U.S. CitiesCity-Data Forum Index
Covid-19 Information Page
Go Back   City-Data Forum > U.S. Forums > Pennsylvania > Pittsburgh
 [Register]
Please register to participate in our discussions with 2 million other members - it's free and quick! Some forums can only be seen by registered members. After you create your account, you'll be able to customize options and access all our 15,000 new posts/day with fewer ads.
View detailed profile (Advanced) or search
site with Google Custom Search

Search Forums  (Advanced)
Reply Start New Thread
 
Old 06-02-2015, 01:32 AM
 
Location: The canyon (with my pistols and knife)
13,389 posts, read 18,898,515 times
Reputation: 15114

Advertisements

According to CareerBuilder, only 57.1% of all new jobs created in the Pittsburgh MSA since 2010 pay a "living wage."

Of course, that's the fourth-highest percentage of all metropolitan areas with at least 1,000,000 population.

Here's the list of the nine major metropolitan areas with at least half of all new jobs created since 2010 paying a living wage:


64.2% - Detroit
60.2% - Seattle
59.3% - San Jose
57.1% - Pittsburgh
52.3% - Rochester
51.4% - Minneapolis/St. Paul
50.8% - Denver
50.8% - Kansas City
50.4% - Cleveland


Reply With Quote Quick reply to this message

 
Old 06-02-2015, 06:55 AM
 
Location: Marshall-Shadeland, Pittsburgh, PA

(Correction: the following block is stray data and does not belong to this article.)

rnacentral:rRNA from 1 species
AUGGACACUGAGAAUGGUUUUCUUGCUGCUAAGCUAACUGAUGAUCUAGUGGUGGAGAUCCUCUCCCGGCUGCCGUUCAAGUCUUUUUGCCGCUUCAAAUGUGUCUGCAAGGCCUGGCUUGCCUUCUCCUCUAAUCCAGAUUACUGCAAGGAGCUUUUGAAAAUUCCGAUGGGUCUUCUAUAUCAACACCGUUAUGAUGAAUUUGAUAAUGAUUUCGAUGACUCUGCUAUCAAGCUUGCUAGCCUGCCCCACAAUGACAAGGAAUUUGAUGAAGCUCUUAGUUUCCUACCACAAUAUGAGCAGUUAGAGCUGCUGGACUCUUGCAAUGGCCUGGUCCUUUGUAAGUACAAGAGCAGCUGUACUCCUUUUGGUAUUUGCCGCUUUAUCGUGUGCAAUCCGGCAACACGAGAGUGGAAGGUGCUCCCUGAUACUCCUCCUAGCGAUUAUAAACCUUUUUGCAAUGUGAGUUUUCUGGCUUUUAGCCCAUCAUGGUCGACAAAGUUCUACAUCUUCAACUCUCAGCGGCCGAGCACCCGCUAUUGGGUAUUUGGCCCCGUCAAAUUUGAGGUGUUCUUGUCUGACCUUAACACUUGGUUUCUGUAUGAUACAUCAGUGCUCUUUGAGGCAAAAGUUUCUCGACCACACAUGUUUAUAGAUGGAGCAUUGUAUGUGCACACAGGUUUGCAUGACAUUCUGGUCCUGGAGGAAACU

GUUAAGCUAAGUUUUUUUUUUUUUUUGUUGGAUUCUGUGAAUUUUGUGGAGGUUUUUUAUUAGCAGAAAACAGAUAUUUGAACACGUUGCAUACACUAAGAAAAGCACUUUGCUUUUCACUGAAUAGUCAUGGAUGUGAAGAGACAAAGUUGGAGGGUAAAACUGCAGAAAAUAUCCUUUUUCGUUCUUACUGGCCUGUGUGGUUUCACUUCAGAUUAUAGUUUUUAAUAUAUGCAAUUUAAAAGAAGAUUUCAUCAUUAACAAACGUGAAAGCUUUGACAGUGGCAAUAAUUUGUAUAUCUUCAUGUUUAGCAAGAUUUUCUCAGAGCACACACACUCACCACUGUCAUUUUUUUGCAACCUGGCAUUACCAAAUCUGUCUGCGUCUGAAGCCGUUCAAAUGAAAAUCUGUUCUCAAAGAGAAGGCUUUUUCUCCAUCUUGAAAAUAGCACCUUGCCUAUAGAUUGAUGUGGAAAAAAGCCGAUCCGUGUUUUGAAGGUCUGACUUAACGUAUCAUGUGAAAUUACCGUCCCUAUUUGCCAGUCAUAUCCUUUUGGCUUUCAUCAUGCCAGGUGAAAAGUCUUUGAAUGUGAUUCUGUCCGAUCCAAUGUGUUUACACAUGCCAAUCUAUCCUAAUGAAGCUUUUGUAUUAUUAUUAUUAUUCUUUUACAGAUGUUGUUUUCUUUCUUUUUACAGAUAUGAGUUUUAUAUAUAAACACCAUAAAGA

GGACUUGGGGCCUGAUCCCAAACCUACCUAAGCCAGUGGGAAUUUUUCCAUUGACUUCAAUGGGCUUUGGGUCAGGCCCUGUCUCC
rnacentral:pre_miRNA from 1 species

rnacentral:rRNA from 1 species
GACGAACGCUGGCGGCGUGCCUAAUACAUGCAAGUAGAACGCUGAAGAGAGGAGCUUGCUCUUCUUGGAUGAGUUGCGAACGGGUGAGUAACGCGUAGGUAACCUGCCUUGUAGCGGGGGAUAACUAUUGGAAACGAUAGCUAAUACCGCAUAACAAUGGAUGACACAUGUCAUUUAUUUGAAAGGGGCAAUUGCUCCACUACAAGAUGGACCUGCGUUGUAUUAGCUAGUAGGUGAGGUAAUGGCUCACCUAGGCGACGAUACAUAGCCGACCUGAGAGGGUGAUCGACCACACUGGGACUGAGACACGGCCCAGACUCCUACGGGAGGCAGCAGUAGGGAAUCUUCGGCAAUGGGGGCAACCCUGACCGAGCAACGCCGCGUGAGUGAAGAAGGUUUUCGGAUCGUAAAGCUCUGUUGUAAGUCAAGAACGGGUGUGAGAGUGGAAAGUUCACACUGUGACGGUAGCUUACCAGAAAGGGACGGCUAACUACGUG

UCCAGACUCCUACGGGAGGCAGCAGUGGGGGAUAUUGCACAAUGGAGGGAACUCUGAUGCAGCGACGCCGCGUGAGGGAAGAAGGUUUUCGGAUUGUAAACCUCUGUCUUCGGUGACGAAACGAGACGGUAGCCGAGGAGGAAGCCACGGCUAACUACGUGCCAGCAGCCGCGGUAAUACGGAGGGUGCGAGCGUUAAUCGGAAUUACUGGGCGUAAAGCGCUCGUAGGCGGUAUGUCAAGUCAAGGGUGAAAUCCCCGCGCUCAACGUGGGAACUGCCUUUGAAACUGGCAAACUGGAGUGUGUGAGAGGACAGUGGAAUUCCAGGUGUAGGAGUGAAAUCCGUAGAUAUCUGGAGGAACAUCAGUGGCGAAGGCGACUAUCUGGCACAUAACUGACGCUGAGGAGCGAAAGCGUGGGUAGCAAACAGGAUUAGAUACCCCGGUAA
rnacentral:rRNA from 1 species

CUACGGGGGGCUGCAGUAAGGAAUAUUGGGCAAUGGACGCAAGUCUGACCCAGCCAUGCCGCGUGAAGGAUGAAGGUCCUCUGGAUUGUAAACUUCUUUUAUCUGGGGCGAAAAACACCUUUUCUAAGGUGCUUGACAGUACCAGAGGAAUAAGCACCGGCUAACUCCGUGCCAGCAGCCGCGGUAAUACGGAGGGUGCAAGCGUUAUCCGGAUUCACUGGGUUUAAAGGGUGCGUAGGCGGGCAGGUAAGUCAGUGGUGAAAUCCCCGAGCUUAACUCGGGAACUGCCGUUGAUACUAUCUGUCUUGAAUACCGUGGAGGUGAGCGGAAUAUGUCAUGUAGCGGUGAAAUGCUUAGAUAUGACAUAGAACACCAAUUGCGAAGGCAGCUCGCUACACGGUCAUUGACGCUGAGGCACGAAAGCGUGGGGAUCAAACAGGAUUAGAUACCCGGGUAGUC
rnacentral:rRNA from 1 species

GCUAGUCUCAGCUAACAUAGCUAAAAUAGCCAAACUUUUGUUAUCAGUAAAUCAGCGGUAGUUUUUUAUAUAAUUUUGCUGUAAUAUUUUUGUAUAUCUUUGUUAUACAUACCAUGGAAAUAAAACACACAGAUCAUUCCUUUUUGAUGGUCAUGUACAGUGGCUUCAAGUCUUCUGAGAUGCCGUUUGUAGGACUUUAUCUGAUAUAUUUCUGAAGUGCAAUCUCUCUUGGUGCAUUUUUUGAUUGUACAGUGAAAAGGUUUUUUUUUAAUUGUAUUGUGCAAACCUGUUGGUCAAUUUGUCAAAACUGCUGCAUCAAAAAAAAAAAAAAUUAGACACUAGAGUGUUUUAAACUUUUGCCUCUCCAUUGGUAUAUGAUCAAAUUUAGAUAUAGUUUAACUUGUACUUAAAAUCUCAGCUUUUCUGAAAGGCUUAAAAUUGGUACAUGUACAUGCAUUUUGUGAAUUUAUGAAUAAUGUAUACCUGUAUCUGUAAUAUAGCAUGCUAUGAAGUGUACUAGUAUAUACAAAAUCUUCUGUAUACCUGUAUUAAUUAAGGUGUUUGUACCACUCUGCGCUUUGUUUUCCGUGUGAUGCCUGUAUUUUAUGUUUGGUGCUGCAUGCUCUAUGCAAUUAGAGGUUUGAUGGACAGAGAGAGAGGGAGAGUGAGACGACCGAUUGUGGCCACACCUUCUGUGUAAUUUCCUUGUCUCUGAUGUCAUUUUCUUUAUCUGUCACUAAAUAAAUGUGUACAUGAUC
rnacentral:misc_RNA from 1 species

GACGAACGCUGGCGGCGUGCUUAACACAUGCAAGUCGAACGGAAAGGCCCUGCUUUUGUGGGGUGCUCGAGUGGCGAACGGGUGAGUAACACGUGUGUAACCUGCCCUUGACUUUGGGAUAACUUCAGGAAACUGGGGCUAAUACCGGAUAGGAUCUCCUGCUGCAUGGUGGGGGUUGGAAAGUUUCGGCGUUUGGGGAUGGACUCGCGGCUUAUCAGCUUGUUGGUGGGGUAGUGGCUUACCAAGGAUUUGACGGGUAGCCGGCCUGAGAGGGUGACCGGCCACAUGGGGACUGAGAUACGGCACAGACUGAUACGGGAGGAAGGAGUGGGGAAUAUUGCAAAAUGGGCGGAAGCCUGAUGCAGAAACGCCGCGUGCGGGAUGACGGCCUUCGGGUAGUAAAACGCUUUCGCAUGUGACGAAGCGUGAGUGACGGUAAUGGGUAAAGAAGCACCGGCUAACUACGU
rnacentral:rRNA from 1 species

31,199 posts, read 69,432,101 times
Reputation: 16812
I appreciate how you and all the other "boosters" put a positive spin on anything and everything, but what about the 42.9% of new jobs NOT paying a "living wage" here in Pittsburgh? My partner and I each have one of these, and there's not much better out there unless you're in health care, education, or IT (and even then I have my doubts given that Aqua Teen Carl, who works in the IT industry, seems to also be in the same boat as me and my partner).

With rents rising rapidly here these days where are these 42.9% of new job-holders supposed to live?
Reply With Quote Quick reply to this message
 
Old 06-02-2015, 07:07 AM
 
Location: Brookline
2,942 posts, read 2,263,384 times
Reputation: 3488
Perhaps outside of the East End?
Reply With Quote Quick reply to this message
 
Old 06-02-2015, 07:22 AM
 
Location: Pittsburgh
6,065 posts, read 7,550,841 times
Reputation: 8851
Quote:
Originally Posted by SteelCityRising View Post
there's not much better out there unless you're in health care, education, or IT
I'm sort of in all three at once. The trick is to buy a house more than ten years ago.
Reply With Quote Quick reply to this message
 
Old 06-02-2015, 07:34 AM
 
1,183 posts, read 1,888,457 times
Reputation: 1580
Quote:
Originally Posted by PghYinzer View Post
Perhaps outside of the East End?